The 5th Queer Women of Color Film Festival affectionately referred to simply as QWOCMAP was held at the Brava Theater in San Francisco this past weekend June 12-14. This amazing festival features the films of women who attend a 13 week professional filmmaking program under the tutelage of San Francisco filmmaker Madeline Lim, assisted by Development & Events Manager - Kebo Drew, Festival Manager - Elisa D. Huerta and an amazing staff of volunteers.
Lim spoke about developing a proactive stance rather than a reactive stance to combat the stereotypical depiction of queer women of color. Far too often people of color die in films, which is an all too familiar trope, said Lim. "We need to create out own images, and tell our own stories", she exclaimed and QWOCMAP is living proof of this.
The strong community support for this festival includes Mayor Gavin Newsom and a host of sponsors. The festival is free and there are daily feasts donated by local eateries. But generous donations and community support keep this festival going. Despite budget cuts for culture, QWOCMAP is determined to survive and with the Queer Women of Color Media Project will continue to provide hands on education for filmmakers.
The 353 seat theater was filled to near capacity and the enthusiastic crowd gave artful feedback to the work of these filmmakers. It can only be said that the festival is getting better and better, and the films increase each year in quality as far as camera work, editing, sound and dialogue.
The theme of the festival this year was immigration and an afternoon "Convening Community" panel discussed "Multiple Borders" which was comprised of LGBTQI (Lesbian Gay, Bisexual, Transgender, Queer, & Intersex) coalitions in human rights for queer women of color immigrants. On the panel were Noemi Calonje, National Center for Lesbian Rights, Philip Hwang, Lawyer's Committee for Civil Rights, Madeleine Lim, Queer Women of Color Media Arts Project and Laura Rivas, National Network for Immigrant & Refugee Rights. An important area to recognize with the passage of Proposition 8 against gay marriage is the absence of legislation for same sex partners to sponsor their international partners. Prior to the panel there were several screenings of films on this topic including Madeline Lim's Sambal Belacan (1997), a film which is banned in Singapore about three queer Singaporean immigrants.
The filmmakers took the theme of immigration to task with some highly creative work. The poster icon of the festival is a still from Mr and Mrs Singh by Punam S, a film in which a married couple live a double life as a gay man and lesbian.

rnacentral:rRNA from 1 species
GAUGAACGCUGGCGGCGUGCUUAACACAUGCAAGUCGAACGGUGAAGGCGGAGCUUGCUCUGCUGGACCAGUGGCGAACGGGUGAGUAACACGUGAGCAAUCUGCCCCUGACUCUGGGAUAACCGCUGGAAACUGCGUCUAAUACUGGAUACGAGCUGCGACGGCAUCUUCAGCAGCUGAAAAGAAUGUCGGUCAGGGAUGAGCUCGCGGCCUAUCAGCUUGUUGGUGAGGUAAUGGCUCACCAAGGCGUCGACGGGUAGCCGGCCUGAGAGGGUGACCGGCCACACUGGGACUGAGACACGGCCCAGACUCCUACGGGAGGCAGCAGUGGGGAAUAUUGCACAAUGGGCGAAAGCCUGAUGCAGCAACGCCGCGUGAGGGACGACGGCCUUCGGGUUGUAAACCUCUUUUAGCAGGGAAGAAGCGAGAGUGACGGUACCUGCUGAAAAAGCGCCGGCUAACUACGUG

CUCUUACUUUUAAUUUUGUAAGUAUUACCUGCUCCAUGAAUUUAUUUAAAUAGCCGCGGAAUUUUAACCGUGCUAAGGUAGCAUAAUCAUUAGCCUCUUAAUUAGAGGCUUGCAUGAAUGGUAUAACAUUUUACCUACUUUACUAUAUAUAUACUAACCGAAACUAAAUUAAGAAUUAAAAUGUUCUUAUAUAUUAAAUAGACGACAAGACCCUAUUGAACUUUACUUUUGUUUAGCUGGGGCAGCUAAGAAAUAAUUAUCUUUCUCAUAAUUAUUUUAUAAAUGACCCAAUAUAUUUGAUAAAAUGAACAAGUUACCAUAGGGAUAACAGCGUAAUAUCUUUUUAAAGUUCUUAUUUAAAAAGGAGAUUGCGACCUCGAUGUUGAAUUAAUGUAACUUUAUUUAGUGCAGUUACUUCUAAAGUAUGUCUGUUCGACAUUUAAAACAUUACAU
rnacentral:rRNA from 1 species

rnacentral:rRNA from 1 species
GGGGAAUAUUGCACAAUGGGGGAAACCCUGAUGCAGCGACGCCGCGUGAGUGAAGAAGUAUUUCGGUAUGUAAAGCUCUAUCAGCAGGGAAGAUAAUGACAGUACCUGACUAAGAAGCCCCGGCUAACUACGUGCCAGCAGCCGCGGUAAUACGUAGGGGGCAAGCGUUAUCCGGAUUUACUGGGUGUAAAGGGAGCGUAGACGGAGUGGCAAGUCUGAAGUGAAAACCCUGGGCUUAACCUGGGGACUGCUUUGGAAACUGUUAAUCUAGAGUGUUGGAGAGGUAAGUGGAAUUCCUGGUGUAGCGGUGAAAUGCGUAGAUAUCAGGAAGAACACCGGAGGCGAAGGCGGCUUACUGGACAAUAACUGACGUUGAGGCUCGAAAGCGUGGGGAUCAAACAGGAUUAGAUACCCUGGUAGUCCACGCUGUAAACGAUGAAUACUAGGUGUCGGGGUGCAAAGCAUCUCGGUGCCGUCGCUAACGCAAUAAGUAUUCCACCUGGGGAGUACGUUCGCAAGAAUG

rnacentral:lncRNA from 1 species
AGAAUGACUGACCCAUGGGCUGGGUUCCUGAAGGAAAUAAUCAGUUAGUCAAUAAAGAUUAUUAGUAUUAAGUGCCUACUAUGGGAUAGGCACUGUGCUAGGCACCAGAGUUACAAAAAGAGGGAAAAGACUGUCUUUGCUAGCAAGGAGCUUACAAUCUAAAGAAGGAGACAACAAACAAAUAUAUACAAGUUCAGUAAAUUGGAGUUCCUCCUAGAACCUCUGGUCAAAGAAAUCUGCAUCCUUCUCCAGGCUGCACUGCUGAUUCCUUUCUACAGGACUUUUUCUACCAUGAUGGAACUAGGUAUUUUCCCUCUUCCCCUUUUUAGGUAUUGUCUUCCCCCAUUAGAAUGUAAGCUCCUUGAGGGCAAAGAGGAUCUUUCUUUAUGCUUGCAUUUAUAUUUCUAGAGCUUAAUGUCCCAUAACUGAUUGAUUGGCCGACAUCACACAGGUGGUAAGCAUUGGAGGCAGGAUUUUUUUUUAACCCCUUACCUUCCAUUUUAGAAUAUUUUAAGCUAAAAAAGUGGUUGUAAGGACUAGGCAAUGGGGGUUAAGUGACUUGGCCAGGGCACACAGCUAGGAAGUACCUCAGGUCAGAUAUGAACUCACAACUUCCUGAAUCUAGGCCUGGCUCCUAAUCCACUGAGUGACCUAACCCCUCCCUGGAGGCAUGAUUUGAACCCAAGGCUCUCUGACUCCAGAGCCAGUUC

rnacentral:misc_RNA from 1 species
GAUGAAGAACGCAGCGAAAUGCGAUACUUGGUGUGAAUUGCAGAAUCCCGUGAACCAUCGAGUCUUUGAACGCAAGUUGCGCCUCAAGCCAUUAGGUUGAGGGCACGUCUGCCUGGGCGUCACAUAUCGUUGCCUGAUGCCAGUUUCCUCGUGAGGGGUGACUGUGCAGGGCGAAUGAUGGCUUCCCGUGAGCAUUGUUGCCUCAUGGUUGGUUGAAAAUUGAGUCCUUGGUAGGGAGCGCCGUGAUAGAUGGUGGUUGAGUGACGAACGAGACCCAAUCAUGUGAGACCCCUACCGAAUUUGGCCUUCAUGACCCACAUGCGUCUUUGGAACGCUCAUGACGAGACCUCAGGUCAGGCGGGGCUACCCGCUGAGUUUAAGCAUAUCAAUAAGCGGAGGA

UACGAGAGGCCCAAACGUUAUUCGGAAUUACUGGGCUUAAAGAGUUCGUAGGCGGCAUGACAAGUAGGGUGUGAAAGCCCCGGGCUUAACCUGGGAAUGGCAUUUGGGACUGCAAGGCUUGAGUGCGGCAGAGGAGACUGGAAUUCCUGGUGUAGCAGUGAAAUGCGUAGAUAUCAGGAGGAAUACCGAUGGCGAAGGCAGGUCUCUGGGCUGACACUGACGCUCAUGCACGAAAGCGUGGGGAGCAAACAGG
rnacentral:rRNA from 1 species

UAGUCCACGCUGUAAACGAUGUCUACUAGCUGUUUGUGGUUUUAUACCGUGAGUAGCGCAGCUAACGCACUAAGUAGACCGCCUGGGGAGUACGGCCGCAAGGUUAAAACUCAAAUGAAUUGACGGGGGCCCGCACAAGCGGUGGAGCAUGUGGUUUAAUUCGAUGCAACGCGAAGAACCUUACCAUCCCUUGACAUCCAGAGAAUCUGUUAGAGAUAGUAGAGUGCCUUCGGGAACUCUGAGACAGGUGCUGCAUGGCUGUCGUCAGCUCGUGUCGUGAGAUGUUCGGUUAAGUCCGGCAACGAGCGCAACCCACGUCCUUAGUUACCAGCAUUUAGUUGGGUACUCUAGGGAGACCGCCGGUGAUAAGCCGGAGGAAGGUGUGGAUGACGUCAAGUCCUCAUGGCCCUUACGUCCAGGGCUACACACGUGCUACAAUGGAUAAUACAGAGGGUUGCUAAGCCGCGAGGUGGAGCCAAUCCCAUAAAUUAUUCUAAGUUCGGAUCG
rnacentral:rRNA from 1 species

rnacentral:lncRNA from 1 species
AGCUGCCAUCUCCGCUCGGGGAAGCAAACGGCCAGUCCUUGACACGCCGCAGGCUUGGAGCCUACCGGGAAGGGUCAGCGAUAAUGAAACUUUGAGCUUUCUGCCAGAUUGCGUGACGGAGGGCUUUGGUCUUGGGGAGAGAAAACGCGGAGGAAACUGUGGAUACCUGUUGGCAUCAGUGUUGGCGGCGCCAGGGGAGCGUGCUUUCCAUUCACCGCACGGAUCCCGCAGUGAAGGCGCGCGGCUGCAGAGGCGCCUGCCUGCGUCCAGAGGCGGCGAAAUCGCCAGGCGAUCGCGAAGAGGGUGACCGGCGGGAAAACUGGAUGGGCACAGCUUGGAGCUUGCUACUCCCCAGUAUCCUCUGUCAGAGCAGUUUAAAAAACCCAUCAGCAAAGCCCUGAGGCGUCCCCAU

Other films this year include the animated short Two Embrace by Arizona filmmaker Carrie House. This little documentary presents a narrative that isn’t in the history books about Native Americans and the first immigrants to America, the Europeans.
Jolie Harris takes on the problematic cliché that is makings its way around in Gay is NOT the New Black. Harris said she was saddened by the wedge of disparity driven between what she believes is the white LGBT community and people of color. She believes that the connection which attempts to links Proposition 8 with the minority vote is inherently racist. The passage of Proposition 8 for gay marriage in California was blamed on people of color who supported Obama but not the marriage initiative. This inflated claim had a heyday in the media, which as a far from objective power structure is known to create conflict. But these messages were taken as factual. Harris said that the issues in the LGBT community seem far less radical than before, such as the rights for gays in the military and the right to install the age old institution of marriage. She feels that there are far more important issues that call for activism.
Tera Greene's Queerer Than Thou is a humorous collection of some of current labels in queer culture, from the classic 2.0 gay man to several creative distinctions for different LGBT populations, presented with a brilliant timing. One of the more inventive films of the festival was the scifi comedy with elaborate alien costume design in Dimension of IS: A Spectacular Future by filmmakers Gigi Otalvaro-Hormillosa and Heather Cox-Carducci.
The brilliant dialogue of (B.K. Williams in What if?, tackles the hidden implications of how outside is an outsider at a dinner party in a explosive standoff between Desiree Rogers and Monica Bhatnagar.
Cruzito’s moving documentary Non-Resident Alien chronicles the activist prose of the queer Afro-Cuban hip-hop trio Las Crudas Cubensi who have been performing since 1995.
The artists who were in the house had never seen the film which is complete with footage from Cuba. The festival concluded with a riveting concert by the group who have recently made the Bay Area their home.